Jeremy Hansen: You mentioned this overriding concern with shaping a distinctly New Zealand architecture when you were at university. Are these still the architectural conversations you're facilitating at the school? Or do they seem secondary in their nature now?

Julie Stout: The conversations have just got richer. It's just so interesting. For a start, recognising Aotearoa as a bi-cultural environment. As architects and urbanists, we are trying to understand what that is and how we shape our environment. And then also the multicultural aspect, how all these people now call this place their home. How do they feel as though they belong here? And so, to work that through is   an interesting issue, if you're an artist or creative.

I have to admit I lie awake at night worrying because the issues that we're facing are huge.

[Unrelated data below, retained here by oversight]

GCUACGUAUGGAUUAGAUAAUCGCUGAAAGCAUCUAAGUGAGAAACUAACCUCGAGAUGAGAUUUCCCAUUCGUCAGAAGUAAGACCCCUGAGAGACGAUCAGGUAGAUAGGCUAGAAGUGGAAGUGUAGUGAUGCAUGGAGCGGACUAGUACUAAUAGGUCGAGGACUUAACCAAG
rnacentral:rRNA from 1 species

Jeremy Hansen: You’re the first woman to win the Gold Medal. Why has it taken so long, and what does that suggest about architecture as a profession? And what kind of responsibility does it place on you?

Julie Stout: It's sort of a rather sad commentary, in a Groucho Marx kind of way, that I'm the one and the first. And I know I'm not that special, so I'm very humbled and I acknowledge it, but I think it's just the way it's been. There are a lot of factors at work here. My mother was super-bright and she wanted to be a biologist. She came to New Zealand and worked at DSIR, but then met my father and that was it, she was then a wife and mother. She, I think reluctantly, accepted that. I'm in a generation where I was encouraged to go to university and was supported financially and emotionally in that and to know it was going to be a career. Also I was fortunate that I came in at a time when there was a growing critical mass of women enrolled in architecture and, even more so, have a support group.  Over the last 10 years Architecture + Women have done a phenomenal job of keeping the cause in front of the profession, providing support and shining a light on improving the profession for women architects.